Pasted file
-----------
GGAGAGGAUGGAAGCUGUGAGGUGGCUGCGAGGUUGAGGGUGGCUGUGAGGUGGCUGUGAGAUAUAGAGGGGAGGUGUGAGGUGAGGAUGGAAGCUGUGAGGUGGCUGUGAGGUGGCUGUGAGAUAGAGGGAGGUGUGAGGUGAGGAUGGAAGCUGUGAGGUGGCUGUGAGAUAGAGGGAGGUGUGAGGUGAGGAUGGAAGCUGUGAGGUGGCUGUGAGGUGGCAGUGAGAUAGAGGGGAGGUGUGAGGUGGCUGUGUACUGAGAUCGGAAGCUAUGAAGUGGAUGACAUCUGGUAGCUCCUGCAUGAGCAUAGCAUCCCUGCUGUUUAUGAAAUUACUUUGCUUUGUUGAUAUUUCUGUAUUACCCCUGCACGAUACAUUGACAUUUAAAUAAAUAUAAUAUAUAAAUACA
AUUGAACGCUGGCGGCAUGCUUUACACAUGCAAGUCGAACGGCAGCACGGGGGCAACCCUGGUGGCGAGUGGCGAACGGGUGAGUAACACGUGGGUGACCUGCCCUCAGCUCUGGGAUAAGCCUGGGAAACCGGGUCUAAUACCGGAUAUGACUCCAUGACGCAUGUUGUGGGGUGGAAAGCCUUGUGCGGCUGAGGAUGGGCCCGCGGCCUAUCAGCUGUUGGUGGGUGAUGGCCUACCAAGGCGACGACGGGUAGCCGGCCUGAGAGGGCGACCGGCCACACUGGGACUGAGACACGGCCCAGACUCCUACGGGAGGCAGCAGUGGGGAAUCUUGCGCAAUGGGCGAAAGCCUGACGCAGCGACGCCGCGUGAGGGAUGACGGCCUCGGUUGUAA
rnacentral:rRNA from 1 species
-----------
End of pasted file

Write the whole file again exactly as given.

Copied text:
GGAGAGGAUGGAAGCUGUGAGGUGGCUGCGAGGUUGAGGGUGGCUGUGAGGUGGCUGUGAGAUAUAGAGGGGAGGUGUGAGGUGAGGAUGGAAGCUGUGAGGUGGCUGUGAGGUGGCUGUGAGAUAGAGGGAGGUGUGAGGUGAGGAUGGAAGCUGUGAGGUGGCUGUGAGAUAGAGGGAGGUGUGAGGUGAGGAUGGAAGCUGUGAGGUGGCUGUGAGGUGGCAGUGAGAUAGAGGGGAGGUGUGAGGUGGCUGUGUACUGAGAUCGGAAGCUAUGAAGUGGAUGACAUCUGGUAGCUCCUGCAUGAGCAUAGCAUCCCUGCUGUUUAUGAAAUUACUUUGCUUUGUUGAUAUUUCUGUAUUACCCCUGCACGAUACAUUGACAUUUAAAUAAAUAUAAUAUAUAAAUACA
AUUGAACGCUGGCGGCAUGCUUUACACAUGCAAGUCGAACGGCAGCACGGGGGCAACCCUGGUGGCGAGUGGCGAACGGGUGAGUAACACGUGGGUGACCUGCCCUCAGCUCUGGGAUAAGCCUGGGAAACCGGGUCUAAUACCGGAUAUGACUCCAUGACGCAUGUUGUGGGGUGGAAAGCCUUGUGCGGCUGAGGAUGGGCCCGCGGCCUAUCAGCUGUUGGUGGGUGAUGGCCUACCAAGGCGACGACGGGUAGCCGGCCUGAGAGGGCGACCGGCCACACUGGGACUGAGACACGGCCCAGACUCCUACGGGAGGCAGCAGUGGGGAAUCUUGCGCAAUGGGCGAAAGCCUGACGCAGCGACGCCGCGUGAGGGAUGACGGCCUCGGUUGUAA
rnacentral:rRNA from 1 species